Discretionary Spending

Function 270 - Energy

Reduce Department of Energy Funding for Energy Technology Development

CBO periodically issues a compendium of policy options (called Options for Reducing the Deficit) covering a broad range of issues, as well as separate reports that include options for changing federal tax and spending policies in particular areas. This option appears in one of those publications. The options are derived from many sources and reflect a range of possibilities. For each option, CBO presents an estimate of its effects on the budget but makes no recommendations. Inclusion or exclusion of any particular option does not imply an endorsement or rejection by CBO.

Billions of Dollars 2017 2018 2019 2020 2021 2022 2023 2024 2025 2026 2017-2021 2017-2026
    Reduce Funding for Fossil Energy Research, Development, and Demonstration
Change in Spending                        
  Budget authority 0 -0.2 -0.3 -0.5 -0.5 -0.5 -0.5 -0.5 -0.5 -0.6 -1.5 -4.1
  Outlays 0 * -0.1 -0.2 -0.3 -0.4 -0.5 -0.5 -0.5 -0.5 -0.6 -3.0
    Reduce Funding for Nuclear Energy Research, Development, and Demonstration
Change in Spending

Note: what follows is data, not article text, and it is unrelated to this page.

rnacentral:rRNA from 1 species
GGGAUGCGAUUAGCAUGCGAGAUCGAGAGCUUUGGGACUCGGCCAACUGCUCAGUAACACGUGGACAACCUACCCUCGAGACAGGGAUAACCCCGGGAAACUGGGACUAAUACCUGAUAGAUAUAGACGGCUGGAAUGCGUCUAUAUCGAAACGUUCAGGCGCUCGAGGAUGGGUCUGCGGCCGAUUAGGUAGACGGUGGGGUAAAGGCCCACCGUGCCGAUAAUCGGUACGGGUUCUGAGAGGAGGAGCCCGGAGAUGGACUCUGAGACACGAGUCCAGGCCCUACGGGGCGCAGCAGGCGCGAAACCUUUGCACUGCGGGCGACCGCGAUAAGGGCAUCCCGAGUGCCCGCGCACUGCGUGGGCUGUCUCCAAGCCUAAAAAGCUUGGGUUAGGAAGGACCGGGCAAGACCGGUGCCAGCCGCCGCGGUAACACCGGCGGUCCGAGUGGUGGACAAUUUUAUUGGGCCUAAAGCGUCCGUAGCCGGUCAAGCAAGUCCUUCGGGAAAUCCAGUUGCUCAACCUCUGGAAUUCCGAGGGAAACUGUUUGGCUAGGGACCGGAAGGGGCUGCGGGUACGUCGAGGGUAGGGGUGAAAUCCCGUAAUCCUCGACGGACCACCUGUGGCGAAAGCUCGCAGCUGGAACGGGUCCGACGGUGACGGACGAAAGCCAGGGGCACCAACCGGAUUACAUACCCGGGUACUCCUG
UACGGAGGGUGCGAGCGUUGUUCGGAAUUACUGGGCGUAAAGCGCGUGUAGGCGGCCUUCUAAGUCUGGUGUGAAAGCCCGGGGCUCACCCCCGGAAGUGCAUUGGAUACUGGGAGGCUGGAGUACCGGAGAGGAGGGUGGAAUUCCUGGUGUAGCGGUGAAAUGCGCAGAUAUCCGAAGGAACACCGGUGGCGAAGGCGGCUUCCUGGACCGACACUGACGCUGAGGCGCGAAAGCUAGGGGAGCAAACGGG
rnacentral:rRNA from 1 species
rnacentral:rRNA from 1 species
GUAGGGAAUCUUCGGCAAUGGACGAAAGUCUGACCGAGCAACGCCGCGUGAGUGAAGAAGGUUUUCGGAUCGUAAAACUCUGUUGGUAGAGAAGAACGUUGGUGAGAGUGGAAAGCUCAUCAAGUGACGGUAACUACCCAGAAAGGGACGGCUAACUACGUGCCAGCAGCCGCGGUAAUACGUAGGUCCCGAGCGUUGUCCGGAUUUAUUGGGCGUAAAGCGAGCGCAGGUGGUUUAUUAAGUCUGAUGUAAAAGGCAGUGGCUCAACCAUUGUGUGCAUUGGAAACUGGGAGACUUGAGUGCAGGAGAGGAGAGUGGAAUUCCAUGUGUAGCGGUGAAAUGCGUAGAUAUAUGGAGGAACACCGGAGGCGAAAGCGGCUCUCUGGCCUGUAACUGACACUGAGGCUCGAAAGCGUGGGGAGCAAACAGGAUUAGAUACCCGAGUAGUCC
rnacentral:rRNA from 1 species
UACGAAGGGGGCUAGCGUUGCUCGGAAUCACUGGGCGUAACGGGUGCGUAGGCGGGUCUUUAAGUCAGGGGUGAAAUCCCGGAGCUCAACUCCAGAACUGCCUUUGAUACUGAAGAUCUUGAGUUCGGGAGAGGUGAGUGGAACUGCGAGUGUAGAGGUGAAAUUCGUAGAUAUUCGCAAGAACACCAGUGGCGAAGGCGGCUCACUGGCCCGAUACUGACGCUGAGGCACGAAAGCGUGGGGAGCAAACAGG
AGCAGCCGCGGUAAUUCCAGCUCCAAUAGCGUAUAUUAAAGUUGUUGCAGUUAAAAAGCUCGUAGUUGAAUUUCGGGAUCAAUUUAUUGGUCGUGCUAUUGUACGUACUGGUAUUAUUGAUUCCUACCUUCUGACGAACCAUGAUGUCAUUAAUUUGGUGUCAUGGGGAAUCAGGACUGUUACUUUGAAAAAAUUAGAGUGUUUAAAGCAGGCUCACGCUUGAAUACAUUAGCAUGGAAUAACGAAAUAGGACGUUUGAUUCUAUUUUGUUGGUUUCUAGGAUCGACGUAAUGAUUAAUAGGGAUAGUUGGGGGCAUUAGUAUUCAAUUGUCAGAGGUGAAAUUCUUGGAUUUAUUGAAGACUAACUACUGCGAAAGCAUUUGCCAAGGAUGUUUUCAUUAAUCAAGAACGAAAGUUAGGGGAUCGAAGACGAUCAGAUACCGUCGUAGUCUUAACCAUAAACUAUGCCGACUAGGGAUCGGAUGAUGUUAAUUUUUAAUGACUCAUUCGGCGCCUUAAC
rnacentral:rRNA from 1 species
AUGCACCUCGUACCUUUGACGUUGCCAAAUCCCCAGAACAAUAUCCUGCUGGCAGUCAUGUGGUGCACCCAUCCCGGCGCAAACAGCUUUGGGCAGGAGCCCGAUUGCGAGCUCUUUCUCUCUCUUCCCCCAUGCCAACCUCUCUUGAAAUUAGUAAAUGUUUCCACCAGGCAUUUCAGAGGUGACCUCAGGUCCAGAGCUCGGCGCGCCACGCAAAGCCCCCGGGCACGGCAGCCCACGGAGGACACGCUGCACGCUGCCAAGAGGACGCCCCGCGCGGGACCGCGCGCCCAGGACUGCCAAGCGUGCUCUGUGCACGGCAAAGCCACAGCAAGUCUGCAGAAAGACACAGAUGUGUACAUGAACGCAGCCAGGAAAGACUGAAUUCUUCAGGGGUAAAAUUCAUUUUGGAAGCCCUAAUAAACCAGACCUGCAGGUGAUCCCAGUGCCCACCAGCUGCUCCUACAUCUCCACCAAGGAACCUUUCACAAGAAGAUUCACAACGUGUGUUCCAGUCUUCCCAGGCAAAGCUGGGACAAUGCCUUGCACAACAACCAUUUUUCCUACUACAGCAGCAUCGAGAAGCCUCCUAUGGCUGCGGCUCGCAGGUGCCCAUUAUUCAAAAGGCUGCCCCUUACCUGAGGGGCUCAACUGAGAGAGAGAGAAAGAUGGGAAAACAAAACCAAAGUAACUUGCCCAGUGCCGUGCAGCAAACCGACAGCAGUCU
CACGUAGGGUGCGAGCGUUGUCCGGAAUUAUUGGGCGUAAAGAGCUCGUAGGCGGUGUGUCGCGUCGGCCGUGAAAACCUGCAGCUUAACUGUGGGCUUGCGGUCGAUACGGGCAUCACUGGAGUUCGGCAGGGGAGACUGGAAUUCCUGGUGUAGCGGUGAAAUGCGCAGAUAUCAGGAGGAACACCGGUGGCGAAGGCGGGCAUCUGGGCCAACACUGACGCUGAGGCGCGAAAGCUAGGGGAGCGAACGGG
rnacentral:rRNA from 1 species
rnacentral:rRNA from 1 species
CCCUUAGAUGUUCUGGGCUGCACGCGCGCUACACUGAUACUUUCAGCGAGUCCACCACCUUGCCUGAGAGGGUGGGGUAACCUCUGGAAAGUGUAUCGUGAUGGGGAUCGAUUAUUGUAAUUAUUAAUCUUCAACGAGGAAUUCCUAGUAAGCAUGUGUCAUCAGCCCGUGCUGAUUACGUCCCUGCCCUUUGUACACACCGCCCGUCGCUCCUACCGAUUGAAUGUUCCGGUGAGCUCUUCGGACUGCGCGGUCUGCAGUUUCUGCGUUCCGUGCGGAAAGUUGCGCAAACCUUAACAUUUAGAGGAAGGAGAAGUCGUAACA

Budget authority 0 -0.2 -0.4 -0.7 -0.7 -0.7 -0.7 -0.7 -0.8 -0.8 -2.1 -5.8
  Outlays 0 -0.1 -0.3 -0.5 -0.6 -0.7 -0.7 -0.7 -0.8 -0.8 -1.5 -5.2
    Reduce Funding for Energy Efficiency and Renewable Energy Research, Development, and Demonstration
Change in Spending                        
  Budget authority 0 -0.4 -0.7 -1.1 -1.2 -1.2 -1.2 -1.2 -1.3 -1.3 -3.4 -9.6
  Outlays 0 -0.1 -0.3 -0.5 -0.8 -1.0 -1.1 -1.2 -1.2 -1.2 -1.7 -7.5
Change in Spending                        
  Budget authority 0 -0.7 -1.5 -2.3 -2.4 -2.4 -2.5 -2.5 -2.6 -2.6 -6.9 -19.5
  Outlays 0 -0.2 -0.6 -1.2 -1.8 -2.1 -2.3 -2.4 -2.5 -2.5 -3.8 -15.6

This option would take effect in October 2017.

* = between –$50 million and zero.

The Department of Energy’s (DOE’s) spending on the development of new technologies in the areas of fossil fuels, nuclear power, and energy efficiency and renewable energy has varied from year to year but has generally been lower in recent years than in the past. Measured in 2015 dollars, spending in those three areas has averaged $4.7 billion per year since 2010, whereas in the early 1990s, it averaged $7.6 billion per year. (A notable exception to the trend occurred in 2009 when substantial amounts of funding were provided by the American Recovery and Reinvestment Act.) Currently, DOE’s programs support the various stages of the development process, from basic energy research through commercial demonstration projects. Roughly one-third of DOE’s funding in 2015 went to basic energy sciences and the remaining two-thirds to applied energy research. About half of the applied research projects that received funding from DOE focused on energy efficiency and renewable energy.